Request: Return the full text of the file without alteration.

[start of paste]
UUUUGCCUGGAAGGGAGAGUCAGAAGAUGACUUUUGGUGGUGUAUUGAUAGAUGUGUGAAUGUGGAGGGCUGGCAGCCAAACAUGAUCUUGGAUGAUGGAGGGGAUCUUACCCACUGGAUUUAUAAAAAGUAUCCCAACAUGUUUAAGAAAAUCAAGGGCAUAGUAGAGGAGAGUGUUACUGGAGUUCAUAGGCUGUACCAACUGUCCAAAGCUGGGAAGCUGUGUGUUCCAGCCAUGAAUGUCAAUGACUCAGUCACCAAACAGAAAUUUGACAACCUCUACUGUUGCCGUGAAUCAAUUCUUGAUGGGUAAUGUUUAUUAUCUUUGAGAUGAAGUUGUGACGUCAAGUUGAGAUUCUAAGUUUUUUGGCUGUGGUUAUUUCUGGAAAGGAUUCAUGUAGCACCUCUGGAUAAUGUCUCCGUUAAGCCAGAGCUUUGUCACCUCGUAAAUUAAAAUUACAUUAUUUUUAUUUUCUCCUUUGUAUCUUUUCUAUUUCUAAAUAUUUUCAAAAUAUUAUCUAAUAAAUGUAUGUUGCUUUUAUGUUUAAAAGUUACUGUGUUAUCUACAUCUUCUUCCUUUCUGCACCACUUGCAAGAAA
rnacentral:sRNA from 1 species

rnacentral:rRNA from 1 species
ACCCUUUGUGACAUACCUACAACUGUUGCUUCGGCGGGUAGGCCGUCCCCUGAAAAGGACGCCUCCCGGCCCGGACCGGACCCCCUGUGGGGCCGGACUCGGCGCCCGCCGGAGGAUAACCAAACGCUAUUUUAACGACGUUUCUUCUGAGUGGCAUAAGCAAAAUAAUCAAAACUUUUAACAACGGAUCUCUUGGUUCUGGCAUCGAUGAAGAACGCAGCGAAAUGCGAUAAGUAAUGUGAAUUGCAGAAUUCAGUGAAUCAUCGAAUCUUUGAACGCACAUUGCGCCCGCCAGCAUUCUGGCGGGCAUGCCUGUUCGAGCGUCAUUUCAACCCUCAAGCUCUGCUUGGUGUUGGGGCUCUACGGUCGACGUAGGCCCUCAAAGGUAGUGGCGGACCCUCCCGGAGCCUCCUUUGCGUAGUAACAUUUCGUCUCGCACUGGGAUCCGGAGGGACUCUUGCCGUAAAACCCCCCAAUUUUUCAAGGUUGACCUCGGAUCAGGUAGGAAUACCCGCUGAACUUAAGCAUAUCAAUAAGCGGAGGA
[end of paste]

UUUUGCCUGGAAGGGAGAGUCAGAAGAUGACUUUUGGUGGUGUAUUGAUAGAUGUGUGAAUGUGGAGGGCUGGCAGCCAAACAUGAUCUUGGAUGAUGGAGGGGAUCUUACCCACUGGAUUUAUAAAAAGUAUCCCAACAUGUUUAAGAAAAUCAAGGGCAUAGUAGAGGAGAGUGUUACUGGAGUUCAUAGGCUGUACCAACUGUCCAAAGCUGGGAAGCUGUGUGUUCCAGCCAUGAAUGUCAAUGACUCAGUCACCAAACAGAAAUUUGACAACCUCUACUGUUGCCGUGAAUCAAUUCUUGAUGGGUAAUGUUUAUUAUCUUUGAGAUGAAGUUGUGACGUCAAGUUGAGAUUCUAAGUUUUUUGGCUGUGGUUAUUUCUGGAAAGGAUUCAUGUAGCACCUCUGGAUAAUGUCUCCGUUAAGCCAGAGCUUUGUCACCUCGUAAAUUAAAAUUACAUUAUUUUUAUUUUCUCCUUUGUAUCUUUUCUAUUUCUAAAUAUUUUCAAAAUAUUAUCUAAUAAAUGUAUGUUGCUUUUAUGUUUAAAAGUUACUGUGUUAUCUACAUCUUCUUCCUUUCUGCACCACUUGCAAGAAA
rnacentral:sRNA from 1 species

rnacentral:rRNA from 1 species
ACCCUUUGUGACAUACCUACAACUGUUGCUUCGGCGGGUAGGCCGUCCCCUGAAAAGGACGCCUCCCGGCCCGGACCGGACCCCCUGUGGGGCCGGACUCGGCGCCCGCCGGAGGAUAACCAAACGCUAUUUUAACGACGUUUCUUCUGAGUGGCAUAAGCAAAAUAAUCAAAACUUUUAACAACGGAUCUCUUGGUUCUGGCAUCGAUGAAGAACGCAGCGAAAUGCGAUAAGUAAUGUGAAUUGCAGAAUUCAGUGAAUCAUCGAAUCUUUGAACGCACAUUGCGCCCGCCAGCAUUCUGGCGGGCAUGCCUGUUCGAGCGUCAUUUCAACCCUCAAGCUCUGCUUGGUGUUGGGGCUCUACGGUCGACGUAGGCCCUCAAAGGUAGUGGCGGACCCUCCCGGAGCCUCCUUUGCGUAGUAACAUUUCGUCUCGCACUGGGAUCCGGAGGGACUCUUGCCGUAAAACCCCCCAAUUUUUCAAGGUUGACCUCGGAUCAGGUAGGAAUACCCGCUGAACUUAAGCAUAUCAAUAAGCGGAGGA